Safer neighborhoods? Fewer vacants? Baltimore survey seeks priorities of city’s often unheard population
Renee Greene stood in the dining area of Lexington Market, concentrating on the paper questionnaire in her hand. On the second page, she paused. “Better parks, less trash on the streets, fewer vacant homes ... I want all of them! Why do I gotta select just one?” she exclaimed. The 53-year-old Latrobe Homes resident was one of more than a dozen people on a recent afternoon filling out a survey called Blueprint for Baltimore, which seeks to identify the priorities of 10,000 to 12,000 Baltimore residents ahead of the 2020 mayoral election.
About half of the responses are expected to come from in-person outreach efforts like the one at Lexington Market, which was organized by West Baltimore advocacy group No Boundaries Coalition. The rest will come from people who take the survey online by Dec. 7, said Evan Serpick, director of strategic communications at Open Society Institute-Baltimore, which is spearheading the initiative. OSI-Baltimore has committed $150,000 to fund the survey project in 2019 and 2020, and the T. Rowe Price Foundation will donate $100,000, Serpick said.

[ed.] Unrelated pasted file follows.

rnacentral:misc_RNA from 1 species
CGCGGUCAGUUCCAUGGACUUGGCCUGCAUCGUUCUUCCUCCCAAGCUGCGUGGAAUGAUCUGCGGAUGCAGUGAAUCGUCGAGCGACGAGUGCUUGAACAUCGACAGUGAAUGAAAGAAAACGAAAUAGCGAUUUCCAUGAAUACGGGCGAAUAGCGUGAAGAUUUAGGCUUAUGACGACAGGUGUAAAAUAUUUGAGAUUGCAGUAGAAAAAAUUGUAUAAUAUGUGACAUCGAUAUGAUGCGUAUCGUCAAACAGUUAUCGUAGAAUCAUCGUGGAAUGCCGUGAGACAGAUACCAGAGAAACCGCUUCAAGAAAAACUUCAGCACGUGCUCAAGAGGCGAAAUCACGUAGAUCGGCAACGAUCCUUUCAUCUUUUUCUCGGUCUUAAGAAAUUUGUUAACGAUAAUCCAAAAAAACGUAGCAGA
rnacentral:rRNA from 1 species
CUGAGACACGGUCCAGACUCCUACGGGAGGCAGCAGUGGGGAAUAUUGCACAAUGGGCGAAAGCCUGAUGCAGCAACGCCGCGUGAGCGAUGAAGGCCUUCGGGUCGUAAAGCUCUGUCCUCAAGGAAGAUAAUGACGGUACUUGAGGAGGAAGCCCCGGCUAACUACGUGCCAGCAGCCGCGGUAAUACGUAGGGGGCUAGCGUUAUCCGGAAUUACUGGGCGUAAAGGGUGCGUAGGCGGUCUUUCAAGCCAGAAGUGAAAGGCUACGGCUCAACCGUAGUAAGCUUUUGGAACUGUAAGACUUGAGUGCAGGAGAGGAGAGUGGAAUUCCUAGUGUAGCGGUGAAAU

The survey asks residents whether they think their neighborhood is a good place to live, and to identify the most important factors that they think would help make it better. Several questions ask Baltimoreans what they would prioritize if they had control of the budget, and which initiatives they would support when it comes to issues like education, housing and public safety.
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Source: The Baltimore Sun
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